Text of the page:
Peregrine is the story of Frances Latham, who was the eldest child of King Charles I’s falconer. She grows up watching falcons, their freedom and beauty, and though her father doesn’t allow her to raise or train them, her uncle does. When her father finds out, he vows to keep her on a short leash, but eventually he allows her a season in London, where she meets the handsome Will; after her father’s refusal of her hand, they elope.
Though Frances is estranged from her father, she and Will live happily in London with their growing family until the plague, when Will tragically dies and leaves Frances alone with no choice but to return home with her family. After a while she remarries, and she, her husband, and her once again growing family make the grueling and dangerous voyage to the colonies in America. There Frances’s family becomes an integral part of society. Throughout her long life she encounters both hardships and happiness and leaves a lasting legacy in her 11 children. Frances never loses her love for the freedom of falconry and in the colonies, finds a measure of freedom for herself.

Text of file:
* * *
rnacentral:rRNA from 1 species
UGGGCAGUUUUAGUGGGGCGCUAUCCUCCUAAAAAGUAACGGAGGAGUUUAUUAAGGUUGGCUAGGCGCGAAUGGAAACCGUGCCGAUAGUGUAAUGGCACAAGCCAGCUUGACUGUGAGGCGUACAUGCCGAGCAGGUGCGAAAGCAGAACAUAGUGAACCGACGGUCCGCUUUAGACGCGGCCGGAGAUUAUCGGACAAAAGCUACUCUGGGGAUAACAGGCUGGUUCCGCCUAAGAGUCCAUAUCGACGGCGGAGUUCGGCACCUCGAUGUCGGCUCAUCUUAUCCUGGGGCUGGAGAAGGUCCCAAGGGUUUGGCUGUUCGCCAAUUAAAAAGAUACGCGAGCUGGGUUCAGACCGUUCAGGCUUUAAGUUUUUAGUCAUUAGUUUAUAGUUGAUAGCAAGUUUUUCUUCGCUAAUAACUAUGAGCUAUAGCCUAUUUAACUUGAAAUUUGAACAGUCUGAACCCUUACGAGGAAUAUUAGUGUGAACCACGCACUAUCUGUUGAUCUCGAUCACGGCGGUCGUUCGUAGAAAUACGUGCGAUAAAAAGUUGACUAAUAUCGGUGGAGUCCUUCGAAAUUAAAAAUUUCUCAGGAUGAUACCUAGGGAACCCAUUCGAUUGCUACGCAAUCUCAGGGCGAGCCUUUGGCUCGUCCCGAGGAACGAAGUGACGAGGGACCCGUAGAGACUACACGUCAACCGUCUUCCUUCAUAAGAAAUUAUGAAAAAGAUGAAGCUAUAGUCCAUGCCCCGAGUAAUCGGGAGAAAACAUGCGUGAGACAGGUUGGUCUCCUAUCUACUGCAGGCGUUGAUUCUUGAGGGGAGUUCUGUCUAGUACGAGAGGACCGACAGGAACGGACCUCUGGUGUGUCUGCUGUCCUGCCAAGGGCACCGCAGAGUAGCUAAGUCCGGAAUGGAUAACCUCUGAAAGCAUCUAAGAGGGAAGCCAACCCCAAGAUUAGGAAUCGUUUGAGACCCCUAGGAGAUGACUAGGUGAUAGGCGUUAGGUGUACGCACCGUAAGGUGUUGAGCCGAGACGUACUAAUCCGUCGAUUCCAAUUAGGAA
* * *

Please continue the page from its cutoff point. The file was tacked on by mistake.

Frances was an amazing woman, and this story illustrates the trials of not only colonial life for a woman but for the budding society of the colonies in general. In a time when Puritanism and witchcraft filled people’s heads, Frances kept her feet firmly on the ground. The facts are finely researched, and the storytelling is steady, perhaps at times a little slow, but very thorough. It was clear that the author enjoyed researching and writing Frances’s story. As the majority of this novel takes place in the colonies, I would recommend this book especially to people interested in the American colonial period.